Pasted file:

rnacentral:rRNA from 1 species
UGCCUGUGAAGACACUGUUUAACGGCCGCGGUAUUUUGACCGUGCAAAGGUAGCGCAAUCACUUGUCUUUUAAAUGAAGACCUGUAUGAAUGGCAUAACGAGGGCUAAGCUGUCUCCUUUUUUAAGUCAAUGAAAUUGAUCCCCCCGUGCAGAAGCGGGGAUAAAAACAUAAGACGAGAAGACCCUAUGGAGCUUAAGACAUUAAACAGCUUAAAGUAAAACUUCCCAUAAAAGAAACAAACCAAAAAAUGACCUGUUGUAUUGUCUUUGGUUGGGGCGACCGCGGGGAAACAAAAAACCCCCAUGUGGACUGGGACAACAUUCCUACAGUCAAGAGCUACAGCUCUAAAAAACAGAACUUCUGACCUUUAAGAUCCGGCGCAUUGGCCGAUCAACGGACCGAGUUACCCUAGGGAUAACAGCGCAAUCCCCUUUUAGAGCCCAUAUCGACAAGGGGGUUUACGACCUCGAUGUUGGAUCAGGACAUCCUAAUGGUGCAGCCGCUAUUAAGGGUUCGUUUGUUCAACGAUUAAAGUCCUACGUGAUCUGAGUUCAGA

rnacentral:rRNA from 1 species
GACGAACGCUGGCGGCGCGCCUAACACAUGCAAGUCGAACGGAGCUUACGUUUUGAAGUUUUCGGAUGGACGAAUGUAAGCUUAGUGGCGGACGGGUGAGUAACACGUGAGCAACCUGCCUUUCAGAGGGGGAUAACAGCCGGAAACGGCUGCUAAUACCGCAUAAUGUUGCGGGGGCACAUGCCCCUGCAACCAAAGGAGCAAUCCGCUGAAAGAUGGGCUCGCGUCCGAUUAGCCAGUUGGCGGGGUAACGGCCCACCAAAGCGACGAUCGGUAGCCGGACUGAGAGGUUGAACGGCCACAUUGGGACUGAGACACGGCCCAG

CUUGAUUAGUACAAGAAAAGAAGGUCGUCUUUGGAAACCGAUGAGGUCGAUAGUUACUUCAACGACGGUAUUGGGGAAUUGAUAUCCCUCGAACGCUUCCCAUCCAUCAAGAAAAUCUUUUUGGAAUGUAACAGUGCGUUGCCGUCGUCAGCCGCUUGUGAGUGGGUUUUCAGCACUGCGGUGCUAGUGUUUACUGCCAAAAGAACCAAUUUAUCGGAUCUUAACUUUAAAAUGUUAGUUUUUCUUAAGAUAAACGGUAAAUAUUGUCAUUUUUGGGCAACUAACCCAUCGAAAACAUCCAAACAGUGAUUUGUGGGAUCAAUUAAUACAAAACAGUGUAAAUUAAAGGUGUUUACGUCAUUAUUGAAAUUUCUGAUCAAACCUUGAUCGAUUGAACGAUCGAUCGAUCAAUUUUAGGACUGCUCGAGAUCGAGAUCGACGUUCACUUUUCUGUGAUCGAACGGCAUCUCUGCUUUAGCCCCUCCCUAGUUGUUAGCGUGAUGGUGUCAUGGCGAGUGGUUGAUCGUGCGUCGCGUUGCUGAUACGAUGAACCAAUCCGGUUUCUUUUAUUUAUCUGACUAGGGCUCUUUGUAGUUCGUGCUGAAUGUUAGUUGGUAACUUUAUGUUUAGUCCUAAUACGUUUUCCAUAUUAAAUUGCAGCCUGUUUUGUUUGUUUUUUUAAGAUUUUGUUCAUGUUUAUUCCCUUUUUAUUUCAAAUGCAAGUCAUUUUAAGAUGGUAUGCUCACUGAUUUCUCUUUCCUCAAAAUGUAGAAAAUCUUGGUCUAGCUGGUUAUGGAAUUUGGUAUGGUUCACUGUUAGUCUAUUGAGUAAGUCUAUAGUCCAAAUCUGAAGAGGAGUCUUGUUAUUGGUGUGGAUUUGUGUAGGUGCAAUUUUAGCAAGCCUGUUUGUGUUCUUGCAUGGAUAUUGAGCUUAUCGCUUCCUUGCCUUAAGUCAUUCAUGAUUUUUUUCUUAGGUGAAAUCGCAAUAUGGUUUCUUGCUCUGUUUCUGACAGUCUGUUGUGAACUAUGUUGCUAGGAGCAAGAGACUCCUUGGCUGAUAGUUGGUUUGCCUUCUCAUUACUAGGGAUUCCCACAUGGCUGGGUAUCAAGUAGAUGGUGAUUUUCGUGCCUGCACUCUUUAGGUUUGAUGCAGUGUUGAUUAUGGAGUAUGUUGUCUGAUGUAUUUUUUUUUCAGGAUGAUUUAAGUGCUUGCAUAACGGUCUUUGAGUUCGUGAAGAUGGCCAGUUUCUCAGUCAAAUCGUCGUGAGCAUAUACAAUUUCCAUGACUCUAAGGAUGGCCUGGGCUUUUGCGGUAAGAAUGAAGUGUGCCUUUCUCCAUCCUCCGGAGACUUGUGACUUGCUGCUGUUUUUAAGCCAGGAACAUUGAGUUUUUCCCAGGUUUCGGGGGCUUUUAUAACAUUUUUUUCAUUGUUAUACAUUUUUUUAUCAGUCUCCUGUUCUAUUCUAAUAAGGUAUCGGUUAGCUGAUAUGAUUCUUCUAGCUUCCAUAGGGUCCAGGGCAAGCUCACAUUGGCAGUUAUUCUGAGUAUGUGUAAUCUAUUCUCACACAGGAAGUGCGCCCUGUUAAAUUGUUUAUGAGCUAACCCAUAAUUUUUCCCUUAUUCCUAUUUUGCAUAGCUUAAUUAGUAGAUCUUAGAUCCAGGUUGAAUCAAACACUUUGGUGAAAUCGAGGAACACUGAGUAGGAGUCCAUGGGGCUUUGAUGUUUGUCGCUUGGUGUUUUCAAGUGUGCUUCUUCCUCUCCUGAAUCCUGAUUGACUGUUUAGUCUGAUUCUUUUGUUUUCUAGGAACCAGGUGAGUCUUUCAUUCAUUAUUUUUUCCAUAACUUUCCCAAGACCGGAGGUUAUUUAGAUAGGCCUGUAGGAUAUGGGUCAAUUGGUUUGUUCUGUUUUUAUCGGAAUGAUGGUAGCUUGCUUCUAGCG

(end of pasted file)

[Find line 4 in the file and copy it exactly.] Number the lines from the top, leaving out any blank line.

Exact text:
GACGAACGCUGGCGGCGCGCCUAACACAUGCAAGUCGAACGGAGCUUACGUUUUGAAGUUUUCGGAUGGACGAAUGUAAGCUUAGUGGCGGACGGGUGAGUAACACGUGAGCAACCUGCCUUUCAGAGGGGGAUAACAGCCGGAAACGGCUGCUAAUACCGCAUAAUGUUGCGGGGGCACAUGCCCCUGCAACCAAAGGAGCAAUCCGCUGAAAGAUGGGCUCGCGUCCGAUUAGCCAGUUGGCGGGGUAACGGCCCACCAAAGCGACGAUCGGUAGCCGGACUGAGAGGUUGAACGGCCACAUUGGGACUGAGACACGGCCCAG